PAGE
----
Among the many special guests at President Joe Biden’s State of the Union address on Thursday was the jazz singer and civil rights legend Bettie Mae Fikes.

Beloved as the Voice of Selma, Fikes is known for having led protests in song. She often changed the lyrics of Black standards to match the movement: “Tell [Dallas County, Alabama, Sheriff] Jim Clark, I’m going to let it shine,” went her version of “This Little Light of Mine.” She also participated in Bloody Sunday, the march that fueled the passage of the landmark Voting Rights Act of 1965.

Fikes’ presence on Thursday — the 59th anniversary of Bloody Sunday — was a reminder that the right to vote is far from settled. Across the South, the Voting Rights Act faces a fresh assault from Republican lawmakers and Republican-nominated judges.

The threat to the ballot box was just one of many Black priority issues that Biden addressed in his speech. Others included student debt relief and reproductive justice. Meanwhile, the ongoing Israel-Hamas war was a point of tension.

“Hundreds of foot soldiers for justice marched across the Edmund Pettus Bridge, named after a Grand Dragon of the KKK, to claim their fundamental right to vote,” Biden said. “But 59 years later, there are forces taking us back in time. Voter suppression. Election subversion. Unlimited dark money. Extreme gerrymandering. … Pass and send me the Freedom to Vote Act and the John Lewis Voting Rights Act!”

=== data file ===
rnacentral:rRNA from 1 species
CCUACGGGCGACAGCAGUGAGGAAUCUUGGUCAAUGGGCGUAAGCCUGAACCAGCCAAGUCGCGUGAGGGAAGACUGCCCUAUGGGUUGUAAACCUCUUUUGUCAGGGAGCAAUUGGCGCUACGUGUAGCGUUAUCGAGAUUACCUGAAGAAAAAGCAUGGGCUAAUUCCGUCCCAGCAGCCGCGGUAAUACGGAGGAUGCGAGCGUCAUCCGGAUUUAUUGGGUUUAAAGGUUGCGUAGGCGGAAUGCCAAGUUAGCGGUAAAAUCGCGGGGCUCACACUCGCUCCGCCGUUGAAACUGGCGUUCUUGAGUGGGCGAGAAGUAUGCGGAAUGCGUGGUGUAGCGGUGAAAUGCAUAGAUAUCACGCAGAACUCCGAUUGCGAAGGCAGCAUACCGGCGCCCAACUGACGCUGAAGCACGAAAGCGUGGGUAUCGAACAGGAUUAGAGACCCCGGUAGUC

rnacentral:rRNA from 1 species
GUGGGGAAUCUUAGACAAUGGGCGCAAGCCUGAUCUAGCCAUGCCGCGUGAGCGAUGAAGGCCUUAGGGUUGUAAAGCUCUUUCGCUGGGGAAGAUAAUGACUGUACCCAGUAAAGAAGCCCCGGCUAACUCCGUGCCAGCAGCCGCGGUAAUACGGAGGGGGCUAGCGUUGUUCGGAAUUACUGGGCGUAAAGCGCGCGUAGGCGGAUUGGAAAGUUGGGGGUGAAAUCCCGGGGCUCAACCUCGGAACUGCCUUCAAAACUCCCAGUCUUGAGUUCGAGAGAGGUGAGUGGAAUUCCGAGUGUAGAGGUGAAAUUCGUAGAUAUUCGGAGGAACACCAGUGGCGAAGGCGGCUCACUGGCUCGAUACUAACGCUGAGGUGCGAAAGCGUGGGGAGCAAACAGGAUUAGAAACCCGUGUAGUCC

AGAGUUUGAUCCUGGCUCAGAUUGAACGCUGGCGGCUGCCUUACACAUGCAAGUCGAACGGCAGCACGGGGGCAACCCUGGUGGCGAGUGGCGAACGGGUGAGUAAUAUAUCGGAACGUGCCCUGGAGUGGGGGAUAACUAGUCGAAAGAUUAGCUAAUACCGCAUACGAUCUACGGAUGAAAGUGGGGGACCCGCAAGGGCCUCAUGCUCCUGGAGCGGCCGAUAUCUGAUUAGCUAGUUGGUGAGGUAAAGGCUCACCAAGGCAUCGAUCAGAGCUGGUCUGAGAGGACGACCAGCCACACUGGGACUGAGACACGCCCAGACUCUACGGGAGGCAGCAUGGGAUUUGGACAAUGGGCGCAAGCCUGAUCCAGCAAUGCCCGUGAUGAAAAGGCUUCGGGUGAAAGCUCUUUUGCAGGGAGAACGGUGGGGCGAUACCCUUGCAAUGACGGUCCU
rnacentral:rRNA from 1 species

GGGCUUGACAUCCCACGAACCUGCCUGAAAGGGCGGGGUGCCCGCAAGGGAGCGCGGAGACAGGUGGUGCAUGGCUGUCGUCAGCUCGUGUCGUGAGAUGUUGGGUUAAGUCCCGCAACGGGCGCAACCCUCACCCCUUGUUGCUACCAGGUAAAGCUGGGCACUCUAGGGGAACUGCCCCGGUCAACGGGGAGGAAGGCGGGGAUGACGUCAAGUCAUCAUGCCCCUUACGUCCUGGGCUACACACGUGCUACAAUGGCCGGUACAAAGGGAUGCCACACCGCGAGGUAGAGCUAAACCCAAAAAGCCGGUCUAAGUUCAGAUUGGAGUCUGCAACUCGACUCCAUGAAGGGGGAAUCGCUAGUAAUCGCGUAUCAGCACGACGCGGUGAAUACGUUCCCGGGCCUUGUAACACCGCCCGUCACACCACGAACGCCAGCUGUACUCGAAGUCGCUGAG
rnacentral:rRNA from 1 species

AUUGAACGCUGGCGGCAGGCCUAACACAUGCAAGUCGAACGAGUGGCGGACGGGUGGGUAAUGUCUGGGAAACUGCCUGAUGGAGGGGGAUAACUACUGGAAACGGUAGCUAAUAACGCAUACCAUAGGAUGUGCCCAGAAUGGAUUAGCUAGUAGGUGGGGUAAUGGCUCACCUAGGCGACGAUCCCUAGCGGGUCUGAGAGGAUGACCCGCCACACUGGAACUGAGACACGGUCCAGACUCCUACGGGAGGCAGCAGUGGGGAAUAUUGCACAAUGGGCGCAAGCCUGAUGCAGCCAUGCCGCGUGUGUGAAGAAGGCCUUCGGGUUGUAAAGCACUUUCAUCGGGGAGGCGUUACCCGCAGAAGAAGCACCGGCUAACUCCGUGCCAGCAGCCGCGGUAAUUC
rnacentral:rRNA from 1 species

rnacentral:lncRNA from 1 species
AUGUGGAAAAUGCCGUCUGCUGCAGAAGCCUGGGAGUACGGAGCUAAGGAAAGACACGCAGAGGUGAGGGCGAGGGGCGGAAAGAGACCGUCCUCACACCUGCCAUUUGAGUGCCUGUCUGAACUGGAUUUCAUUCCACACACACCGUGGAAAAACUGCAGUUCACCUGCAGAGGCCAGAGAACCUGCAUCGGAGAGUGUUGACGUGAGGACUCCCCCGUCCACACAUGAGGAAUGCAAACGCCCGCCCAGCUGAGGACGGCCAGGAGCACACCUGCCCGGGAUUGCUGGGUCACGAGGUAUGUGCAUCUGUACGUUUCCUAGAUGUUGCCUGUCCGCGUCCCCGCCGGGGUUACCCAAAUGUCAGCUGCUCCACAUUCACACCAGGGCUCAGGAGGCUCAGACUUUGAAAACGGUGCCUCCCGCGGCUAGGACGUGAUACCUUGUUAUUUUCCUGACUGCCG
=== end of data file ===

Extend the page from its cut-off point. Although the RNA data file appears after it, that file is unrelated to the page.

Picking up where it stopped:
Read More: How the Legacy of a Reconstruction-Era Massacre Shapes Voting Rights Today


Advocates emphasized the importance of federal legislation when it comes to protecting the power of the franchise.

“We have employed litigation and legislative strategies to safeguard voting rights at the state level,” Elsie Cooke-Holmes, the international president of Delta Sigma Theta Sorority Inc., a co-plaintiff in the legal challenges to restrictive voting legislation in Texas and Georgia, told Worldacad. “Yet the true remedy lies in federal intervention.”

She added, “We firmly advocate for the passage of the John R. Lewis Voting Rights Advancement Act — it honors the efforts of our predecessors. It enshrines a future that values every voice and vote, fostering a multicultural and inclusive democracy.”